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Check It Out

Courier Article by David Locker
Sunday, December 3, 2006

Musical Tributes Capture Mood of Holiday Season

One of my favorite ways of getting into the holiday mood is to listen to Christmas music. Music has the power to inspire the feelings of awe, peace and goodwill that come with the season. My heart lifts when I hear a good choir sing the old-time carols.

You have a chance to listen to such a choir perform in the lobby of the Central Library on Dec. 14 at 7 p.m. And in keeping with the spirit of music, here are a few recent titles on the subject.

Violin Dreams by Arnold Steinhardt (Houghlin Mifflin, 2006).

This was a wonderful memoir of Steinhardt's musical life, his search for the perfect violin and his quest to perfect the playing of Bach's Chaconne (the last movement of the D Minor Partita).

Steinhardt's parents were music loving Polish immigrants. His mother had played Beethoven's Violin Concerto over and over to him during her pregnancy. When he was 6 years old, this same piece moved him to tears and prompted the start of violin lessons.

The violin teacher in vogue during this era was the Russian Leopold Auer. He had taught Jascha Heifetz, perhaps the most famous violinist of the 20th century. Two of Steinhardt's first teachers were pupils of Auer.

Steinhardt went on to study at the Curtis Institute in Philadelphia and became assistant concertmaster with the Cleveland Orchestra under George Szell and then first violinist of the Guarneri String Quartet. The perfect violin came to him from a member of the Budapest Quartet, and he ended up dancing and playing the Chaconne on an open-air stage at the base of the Rocky Mountains. It is an exhilarating book.

Efrem Zimbalist: A Life by Roy Malan (Amadeus Press, 2004).

Efrem Zimbalist was one of the great violinists of the first half of the 20th century, but you may know him better through his son, Efrem Zimbalist Jr., who was the star of the television show 77 Sunset Strip and the father of Stephanie Zimbalist of Remington Steele fame.

Zimbalist was born in a small town in Russia and left his family at the age of 11 to study with our old friend Leopold Auer in St. Petersburg. A voracious reader from boyhood, the violinist projected a deeply cultured aura that was at once humble and self-assured and that endeared him to all who knew him or heard him play.

After a successful debut in Berlin at the age of 19, Zimbalist settled in America and married the famous opera singer, Alma Gluck. Later he headed Steinhardt's Curtis Institute of Music, composed music, and lived to the ripe age of 95. Unfortunately, he lost his hearing during the latter part of his career and was unable to make any modern recordings.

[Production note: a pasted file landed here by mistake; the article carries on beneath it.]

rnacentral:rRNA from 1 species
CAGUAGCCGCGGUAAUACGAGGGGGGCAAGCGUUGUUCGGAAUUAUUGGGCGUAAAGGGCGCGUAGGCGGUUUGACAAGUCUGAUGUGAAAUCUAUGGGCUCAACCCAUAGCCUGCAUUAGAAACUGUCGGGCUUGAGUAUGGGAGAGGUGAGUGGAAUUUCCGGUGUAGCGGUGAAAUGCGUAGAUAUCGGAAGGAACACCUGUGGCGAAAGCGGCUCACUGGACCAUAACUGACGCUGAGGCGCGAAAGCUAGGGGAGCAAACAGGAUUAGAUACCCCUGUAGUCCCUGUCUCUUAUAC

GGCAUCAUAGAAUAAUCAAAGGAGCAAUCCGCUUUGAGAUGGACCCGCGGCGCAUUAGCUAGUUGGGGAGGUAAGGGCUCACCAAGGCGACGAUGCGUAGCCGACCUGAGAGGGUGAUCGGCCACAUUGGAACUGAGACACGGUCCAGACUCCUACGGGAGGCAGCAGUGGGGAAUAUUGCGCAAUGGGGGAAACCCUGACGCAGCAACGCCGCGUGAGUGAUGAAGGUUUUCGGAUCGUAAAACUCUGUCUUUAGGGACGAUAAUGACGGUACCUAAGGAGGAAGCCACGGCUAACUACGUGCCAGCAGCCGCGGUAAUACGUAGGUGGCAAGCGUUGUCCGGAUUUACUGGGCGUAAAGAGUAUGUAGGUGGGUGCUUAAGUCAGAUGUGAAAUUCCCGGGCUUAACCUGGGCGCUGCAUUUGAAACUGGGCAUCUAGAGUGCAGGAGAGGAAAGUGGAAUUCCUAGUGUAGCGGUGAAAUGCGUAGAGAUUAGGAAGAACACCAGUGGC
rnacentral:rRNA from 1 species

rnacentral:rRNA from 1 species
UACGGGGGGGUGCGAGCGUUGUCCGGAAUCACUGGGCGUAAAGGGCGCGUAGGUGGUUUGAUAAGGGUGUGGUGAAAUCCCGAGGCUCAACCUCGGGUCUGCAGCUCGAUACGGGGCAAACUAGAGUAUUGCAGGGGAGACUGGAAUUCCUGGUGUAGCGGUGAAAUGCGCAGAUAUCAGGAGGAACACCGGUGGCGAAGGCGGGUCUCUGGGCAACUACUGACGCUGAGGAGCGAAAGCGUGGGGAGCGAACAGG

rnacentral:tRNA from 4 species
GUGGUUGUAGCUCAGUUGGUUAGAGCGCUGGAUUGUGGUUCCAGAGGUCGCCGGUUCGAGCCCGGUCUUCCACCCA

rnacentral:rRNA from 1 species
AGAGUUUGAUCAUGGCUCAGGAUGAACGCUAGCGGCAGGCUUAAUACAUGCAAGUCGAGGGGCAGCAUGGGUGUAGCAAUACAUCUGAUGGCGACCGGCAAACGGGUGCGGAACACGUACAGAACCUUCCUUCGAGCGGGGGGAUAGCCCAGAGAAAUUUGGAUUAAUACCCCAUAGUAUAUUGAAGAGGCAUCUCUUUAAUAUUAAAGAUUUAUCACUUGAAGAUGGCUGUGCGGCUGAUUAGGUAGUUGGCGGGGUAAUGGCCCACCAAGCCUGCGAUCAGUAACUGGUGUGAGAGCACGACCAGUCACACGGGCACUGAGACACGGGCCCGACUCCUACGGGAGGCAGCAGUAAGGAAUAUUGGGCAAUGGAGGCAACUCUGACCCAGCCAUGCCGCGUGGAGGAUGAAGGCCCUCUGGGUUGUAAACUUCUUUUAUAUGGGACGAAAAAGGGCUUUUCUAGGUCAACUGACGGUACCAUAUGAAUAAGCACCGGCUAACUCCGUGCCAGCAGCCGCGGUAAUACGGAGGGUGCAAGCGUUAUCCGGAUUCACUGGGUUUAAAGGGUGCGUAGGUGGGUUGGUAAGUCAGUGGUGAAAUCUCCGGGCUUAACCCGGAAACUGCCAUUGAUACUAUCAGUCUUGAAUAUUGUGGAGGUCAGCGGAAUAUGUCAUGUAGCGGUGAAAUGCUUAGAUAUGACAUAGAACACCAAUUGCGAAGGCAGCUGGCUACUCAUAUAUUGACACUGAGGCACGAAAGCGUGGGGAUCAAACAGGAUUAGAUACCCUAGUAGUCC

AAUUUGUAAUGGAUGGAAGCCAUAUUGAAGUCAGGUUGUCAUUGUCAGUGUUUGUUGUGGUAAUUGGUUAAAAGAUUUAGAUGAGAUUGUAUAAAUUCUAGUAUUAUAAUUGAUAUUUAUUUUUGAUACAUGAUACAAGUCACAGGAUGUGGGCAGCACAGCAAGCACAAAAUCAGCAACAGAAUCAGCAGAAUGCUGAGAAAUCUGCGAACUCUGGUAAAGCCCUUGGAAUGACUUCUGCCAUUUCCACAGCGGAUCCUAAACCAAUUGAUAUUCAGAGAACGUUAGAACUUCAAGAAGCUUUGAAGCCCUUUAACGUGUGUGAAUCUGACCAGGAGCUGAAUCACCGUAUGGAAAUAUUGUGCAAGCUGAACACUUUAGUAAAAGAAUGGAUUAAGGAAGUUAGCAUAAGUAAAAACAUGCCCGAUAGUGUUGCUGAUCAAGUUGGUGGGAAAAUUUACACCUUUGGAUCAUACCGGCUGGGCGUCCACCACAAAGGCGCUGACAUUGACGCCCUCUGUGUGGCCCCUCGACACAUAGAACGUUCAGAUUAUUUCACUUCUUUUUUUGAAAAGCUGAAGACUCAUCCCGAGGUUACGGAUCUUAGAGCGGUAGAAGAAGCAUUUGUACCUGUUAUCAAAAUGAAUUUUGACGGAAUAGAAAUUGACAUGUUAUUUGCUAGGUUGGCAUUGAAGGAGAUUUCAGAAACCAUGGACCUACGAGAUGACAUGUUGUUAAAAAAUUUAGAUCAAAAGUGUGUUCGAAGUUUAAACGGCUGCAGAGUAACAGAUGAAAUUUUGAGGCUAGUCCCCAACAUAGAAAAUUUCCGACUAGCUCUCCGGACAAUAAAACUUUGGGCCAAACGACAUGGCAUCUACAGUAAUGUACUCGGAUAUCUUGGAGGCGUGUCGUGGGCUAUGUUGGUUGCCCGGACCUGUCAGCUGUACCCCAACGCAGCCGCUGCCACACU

Joseph Gingold, the teacher of Indiana's own Joshua Bell, writes that this is one of the best musical biographies he ever read. I consider it to be required reading for violinists and lovers of the violin.

The Librettist of Venice: The Remarkable Life of Lorenzo Da Ponte by Rodney Bolt (Bloomsbury, 2006).

Da Ponte wrote the librettos of three of Mozart's greatest operas, The Marriage of Figaro, Don Giovanni, and Cosi fan tutti. In addition, he was ordained to the priesthood, banished from Venice for revolutionary sympathies and appointed the first professor of Italian at Columbia University.

Da Ponte can best be characterized as a phoenix. Countless times he set fire to his nest, only to be reborn. He must have gone broke a dozen times, but, an incurable optimist, he rebounded successfully just as many. One of his reasons for repeated failures was his arrogance and vanity. He was the kind of man one liked to kick when he was down.

Wild Harmonies: A Life of Music and Wolves by Helene Grimaud (Riverhead, 2006).

And finally, there is Helene Grimaud, one of the most exciting and accomplished of the younger generation of concert pianists.

Grimaud herself might best be described as a lone wolf. Not only is she obsessed with wolves -- she follows each chapter of this memoir with information about this wild animal -- but also she has always been pretty much alone.

She even dropped out of the Paris Conservatory to finish preparing for her career without teachers. On her own she recorded Rachmaninov's second piano concerto at the age of 16. And by herself she settled in America and established the Wolf Conservation Center north of New York City.

Grimaud is one of the best musician-writers I have come across. In all she does, she is a sensitive artist to the fingertips.

David Locker is a librarian with the Evansville-Vanderburgh Public Library. The opinions expressed in this column are personal and do not reflect policies or official recommendations of EVPL.